Alden Wicker is a freelance journalist living in Brooklyn. She covers sustainable fashion and living, personal finance, and other curiosities.

THAT TIME MY MOM MARRIED A LION KILLER

THAT TIME MY MOM MARRIED A LION KILLER

When I was three, my father died in a plane crash. The attorney who handled my father’s will was a lawyer named Gerald, a big, bearded guy with an expansive gut, an ex-wife, two sons, and an adopted daughter. Within a year of my father’s death, in 1999, my mom married Gerald in a small ceremony behind our house in Sanford, a tiny town outside Raleigh, North Carolina.

She and Gerald hadn’t even gotten back from their honeymoon when she realized she had made a mistake. His personality grated on her in a myriad of small ways. But she didn’t want to quit that fast. And so began our new life with Gerald, the small-town attorney and big game hunter.

By any measure, Mom and Gerald were mismatched. She enjoyed gardening, interior design, reading and traveling. He enjoyed hunting, hunting and hunting. He was a conservative who feared the fascists would come take his guns. She had subscriptions toNewsweek and Time. His house was dark, wood paneled, and decorated like a hunting lodge. The place Mom designed (which he moved into) was a white stucco postmodern house that looked like she plucked it out of California or Miami.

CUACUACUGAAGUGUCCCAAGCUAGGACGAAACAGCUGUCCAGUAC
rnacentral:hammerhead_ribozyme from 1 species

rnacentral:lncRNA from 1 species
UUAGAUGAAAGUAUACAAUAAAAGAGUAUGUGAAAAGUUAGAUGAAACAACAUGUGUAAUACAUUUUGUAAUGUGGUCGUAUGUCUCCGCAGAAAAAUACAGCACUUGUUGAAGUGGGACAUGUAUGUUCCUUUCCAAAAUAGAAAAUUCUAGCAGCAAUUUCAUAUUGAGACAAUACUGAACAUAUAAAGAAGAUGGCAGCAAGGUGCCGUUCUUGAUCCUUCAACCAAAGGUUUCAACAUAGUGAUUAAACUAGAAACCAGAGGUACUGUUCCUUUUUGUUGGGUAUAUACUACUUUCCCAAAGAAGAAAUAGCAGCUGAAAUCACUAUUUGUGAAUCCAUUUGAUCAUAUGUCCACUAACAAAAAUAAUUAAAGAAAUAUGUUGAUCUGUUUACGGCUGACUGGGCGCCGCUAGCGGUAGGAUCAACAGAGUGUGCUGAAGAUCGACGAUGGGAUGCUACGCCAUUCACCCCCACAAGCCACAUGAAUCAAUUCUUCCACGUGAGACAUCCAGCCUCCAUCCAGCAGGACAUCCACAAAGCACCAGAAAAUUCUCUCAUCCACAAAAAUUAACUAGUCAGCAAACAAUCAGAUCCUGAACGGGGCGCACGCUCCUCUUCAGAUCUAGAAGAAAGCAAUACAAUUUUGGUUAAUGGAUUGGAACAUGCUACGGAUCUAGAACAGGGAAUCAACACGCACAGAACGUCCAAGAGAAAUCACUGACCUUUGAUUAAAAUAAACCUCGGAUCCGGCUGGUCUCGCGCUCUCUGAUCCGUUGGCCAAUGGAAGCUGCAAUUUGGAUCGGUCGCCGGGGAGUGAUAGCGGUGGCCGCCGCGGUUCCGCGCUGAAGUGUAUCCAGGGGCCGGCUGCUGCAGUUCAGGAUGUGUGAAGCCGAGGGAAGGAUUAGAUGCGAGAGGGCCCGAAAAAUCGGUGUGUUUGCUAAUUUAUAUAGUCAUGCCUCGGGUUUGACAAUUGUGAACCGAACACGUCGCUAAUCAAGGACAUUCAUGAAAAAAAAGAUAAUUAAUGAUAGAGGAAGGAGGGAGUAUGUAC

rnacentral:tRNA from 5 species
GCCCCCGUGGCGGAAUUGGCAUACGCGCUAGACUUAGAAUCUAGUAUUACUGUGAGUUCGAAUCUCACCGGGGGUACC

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In fact, the whole town was wrong for Mom, who had moved us there from New Jersey (and convinced her parents to also move there from Arizona) in order to raise us around my father’s large extended family. Now, she was stuck in a town she had nothing in common with, with a new husband she disliked. I, at four years old, was blithely unaware of all of this. My more sensitive sister, at ten, was starting to get the picture.

One of my sister’s first memories of Gerald is seeing a picture of him in his study, crouched behind a dead lion. Mom knew that he liked hunting when she married him. That wasn’t abnormal in central North Carolina. But she soon found that hunting wasn’t just a hobby for Gerald. “It was an obsession,” Mom says. “That was by far the most important thing in his life. He expected his family to understand how he felt about it, and to bend their life to meet his needs.”

When waterfowl season opened on Thanksgiving, Gerald had to go out hunting. “So everybody had to hold Thanksgiving until he got back,” Mom says. “It could be very late, between hunting and cleaning up, and getting home and putting the dogs away.” Dinner had to be pushed back from one p.m. to around six to accommodate him.

Gerald wasn’t a sociopath, like some animal lovers paint hunters out to be. He wasn’t mean or abusive. Mom describes him as honest, and at times funny. But he wouldn’t have won a father or husband of the year award either, and soon my whole family came to intensely dislike him.

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